The British labour market is one of the most flexible in the world, and this is a major economic asset. As a Policy Exchange report noted at the height of the pandemic, the British labour market withstood that shock remarkably well, and indeed labour’s share of national income has been stable over the last two decades while it has shrunk in many of our peer economies.
However, like many other advanced economies, the labour market is at the moment extremely tight. The US Bureau of Labor Statistics’ latest figures show 10.6 million vacancies. The latest quarterly job vacancy figures in the UK has reached a record 1.25 million, an increase of 462,000 from the pre-pandemic period to March 2020. The steep rise in the ONS table below demonstrates the scale of the problem and its relative rapidity.
Figure 1 ONS
At the same time, COVID-19 has, over the last two years, significantly changed the economy, in what’s called a reallocation shock. That means that some business models are becoming unviable and others more viable, and as a result there is significant sectoral change.
In that context, it’s right that DWP is incentivising wider job searches through the Way to Work programme, announced this week. The aim is to get 500,000 Universal Credit claimants into work, by expecting claimants to expand their job search from their previous occupation or sector from week 4 rather than three months. This will be accompanied by increased time spent face to face with a Work Coach. This part of the announcement should in particular be welcome.
Way to Work should encourage claimants into work while also helping to add the supply constraints around labour. However, the Government should go further in the coming weeks given the extent of the vacancy challenge. The last thing the British economy needs is a wage-price spiral.
Another point that the Government needs to consider is that, despite vacancies, competition for jobs may not be even across the board. For example, recent IFS research indicates that while vacancies in the lowest paying third of occupations have increased 19 percent on pre pandemic figures, for the majority of unemployed workers competition for relevant new job openings is at least 10 percent greater. This research was published before the end of furlough, suggesting that competition has only gotten stiffer.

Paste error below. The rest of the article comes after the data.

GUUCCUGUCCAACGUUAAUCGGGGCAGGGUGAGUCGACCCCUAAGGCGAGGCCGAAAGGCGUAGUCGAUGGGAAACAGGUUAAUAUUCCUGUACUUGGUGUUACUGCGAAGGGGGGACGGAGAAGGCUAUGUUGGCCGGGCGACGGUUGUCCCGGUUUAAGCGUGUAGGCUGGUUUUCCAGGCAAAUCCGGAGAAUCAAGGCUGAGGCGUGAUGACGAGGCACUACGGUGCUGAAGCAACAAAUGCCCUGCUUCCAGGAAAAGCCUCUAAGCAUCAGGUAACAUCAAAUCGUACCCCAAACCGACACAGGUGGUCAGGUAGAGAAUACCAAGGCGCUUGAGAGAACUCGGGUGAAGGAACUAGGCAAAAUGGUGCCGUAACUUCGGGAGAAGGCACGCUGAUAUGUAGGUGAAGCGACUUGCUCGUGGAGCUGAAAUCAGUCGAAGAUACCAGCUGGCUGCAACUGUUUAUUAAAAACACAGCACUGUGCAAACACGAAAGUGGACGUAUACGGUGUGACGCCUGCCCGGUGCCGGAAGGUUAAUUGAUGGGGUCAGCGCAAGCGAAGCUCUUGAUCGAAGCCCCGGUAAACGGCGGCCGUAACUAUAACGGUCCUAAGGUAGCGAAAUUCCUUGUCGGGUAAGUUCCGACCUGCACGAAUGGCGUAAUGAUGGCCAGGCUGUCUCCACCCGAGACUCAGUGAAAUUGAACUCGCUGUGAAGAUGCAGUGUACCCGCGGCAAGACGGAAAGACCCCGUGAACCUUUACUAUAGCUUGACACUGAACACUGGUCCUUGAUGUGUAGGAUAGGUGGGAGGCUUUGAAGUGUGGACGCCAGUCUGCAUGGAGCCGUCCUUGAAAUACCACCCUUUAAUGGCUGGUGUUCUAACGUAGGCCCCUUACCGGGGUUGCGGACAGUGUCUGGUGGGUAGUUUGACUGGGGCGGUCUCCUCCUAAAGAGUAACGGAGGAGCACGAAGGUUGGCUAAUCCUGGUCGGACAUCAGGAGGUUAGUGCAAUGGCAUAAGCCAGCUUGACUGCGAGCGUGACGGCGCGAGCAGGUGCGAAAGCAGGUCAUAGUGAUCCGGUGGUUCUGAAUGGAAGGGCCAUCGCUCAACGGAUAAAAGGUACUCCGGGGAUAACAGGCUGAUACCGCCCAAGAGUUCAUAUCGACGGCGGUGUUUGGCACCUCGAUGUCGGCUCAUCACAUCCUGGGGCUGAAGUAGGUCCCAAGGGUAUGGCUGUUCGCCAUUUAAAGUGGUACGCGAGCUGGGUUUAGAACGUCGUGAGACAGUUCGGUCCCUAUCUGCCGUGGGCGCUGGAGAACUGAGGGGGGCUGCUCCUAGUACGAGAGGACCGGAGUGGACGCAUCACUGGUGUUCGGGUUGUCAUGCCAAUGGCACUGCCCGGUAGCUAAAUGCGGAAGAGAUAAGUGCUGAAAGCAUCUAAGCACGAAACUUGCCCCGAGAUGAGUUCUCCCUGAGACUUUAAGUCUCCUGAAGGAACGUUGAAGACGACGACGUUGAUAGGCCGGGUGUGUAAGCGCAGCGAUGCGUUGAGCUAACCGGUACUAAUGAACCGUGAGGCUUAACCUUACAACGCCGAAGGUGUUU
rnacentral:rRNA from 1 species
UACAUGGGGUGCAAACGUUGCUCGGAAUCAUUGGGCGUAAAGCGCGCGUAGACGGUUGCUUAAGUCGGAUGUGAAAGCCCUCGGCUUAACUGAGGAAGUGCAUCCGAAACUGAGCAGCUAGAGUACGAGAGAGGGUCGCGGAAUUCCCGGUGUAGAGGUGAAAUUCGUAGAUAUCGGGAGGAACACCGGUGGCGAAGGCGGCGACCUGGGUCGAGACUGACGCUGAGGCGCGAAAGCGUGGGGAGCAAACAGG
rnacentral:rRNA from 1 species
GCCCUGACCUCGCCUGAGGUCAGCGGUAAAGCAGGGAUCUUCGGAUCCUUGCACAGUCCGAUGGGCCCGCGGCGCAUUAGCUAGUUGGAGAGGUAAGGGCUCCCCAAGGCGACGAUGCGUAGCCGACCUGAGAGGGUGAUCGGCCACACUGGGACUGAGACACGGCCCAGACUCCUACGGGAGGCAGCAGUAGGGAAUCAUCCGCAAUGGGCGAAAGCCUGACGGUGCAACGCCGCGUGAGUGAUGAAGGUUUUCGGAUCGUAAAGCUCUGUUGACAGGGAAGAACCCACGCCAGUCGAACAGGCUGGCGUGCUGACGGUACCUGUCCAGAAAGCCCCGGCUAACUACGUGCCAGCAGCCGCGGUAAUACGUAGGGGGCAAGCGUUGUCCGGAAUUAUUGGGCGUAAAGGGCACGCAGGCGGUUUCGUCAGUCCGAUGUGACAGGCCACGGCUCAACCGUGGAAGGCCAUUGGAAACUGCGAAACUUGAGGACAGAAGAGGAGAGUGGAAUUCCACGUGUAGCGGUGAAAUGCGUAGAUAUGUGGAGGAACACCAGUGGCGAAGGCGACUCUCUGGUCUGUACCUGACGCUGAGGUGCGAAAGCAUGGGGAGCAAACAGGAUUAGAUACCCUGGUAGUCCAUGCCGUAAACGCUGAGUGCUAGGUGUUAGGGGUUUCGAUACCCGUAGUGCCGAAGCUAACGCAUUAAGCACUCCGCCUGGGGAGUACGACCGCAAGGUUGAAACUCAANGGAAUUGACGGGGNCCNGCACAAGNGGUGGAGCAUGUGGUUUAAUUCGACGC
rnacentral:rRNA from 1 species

Even more complicatedly, the Institute for Employment Studies has published research indicating that, while the number of unemployed people per vacancy has fallen to the lowest level in fifty years, there are also more than million fewer people in the labour force than we would have expected before the pandemic.
This unevenness suggests that the Government needs to do more than simply expand the labour supply, which appears to be Way to Work’s primary aim. The Government should embrace alternative approaches that also expand employment opportunities in a wide variety of ways, and not just use measures that may end up encouraging workers into lower paid, currently less competitive, sectors. Given the Government’s stated aim to create a high wage economy, pushing those on UC into lower paying work than previous could end up being self-defeating without a wider suite of measures.
Instead, as Policy Exchange suggested last year, more vigorous labour market interventions would be welcome, including the re-establishment of a public employment service. In the past, such initiatives have been particularly targeted at school leavers, but it should be expanded across ages and professions. Given the disparate impact the pandemic has had geographically, and given the imminent Levelling Up white paper, the Government should consider, as laid out int the report, partnering with local government to have the finest-grained local job data possible.
The Government has also recently discontinued the New Enterprise Allowance, which helps those on benefits get into work by starting their own business. Policy Exchange proposed expanding this programme at the height of the pandemic, and, given the high number of economically inactive people currently, the Government should consider restarting the initiative. Previous iterations of the programme had particular success with the young, and this is particularly important given the proportion of economically inactive and non-enrolled young people has risen to the highest level since the middle of 2020. That trend needs to be arrested as soon as possible.
What is clear though is that the labour market vacancies are significant, shared amongst advanced economies and, at least currently, does not lend itself to easy solutions. DWP’s policy shift is a good start, but Government, like its peers, will have this issue in its in-tray for a long while to come.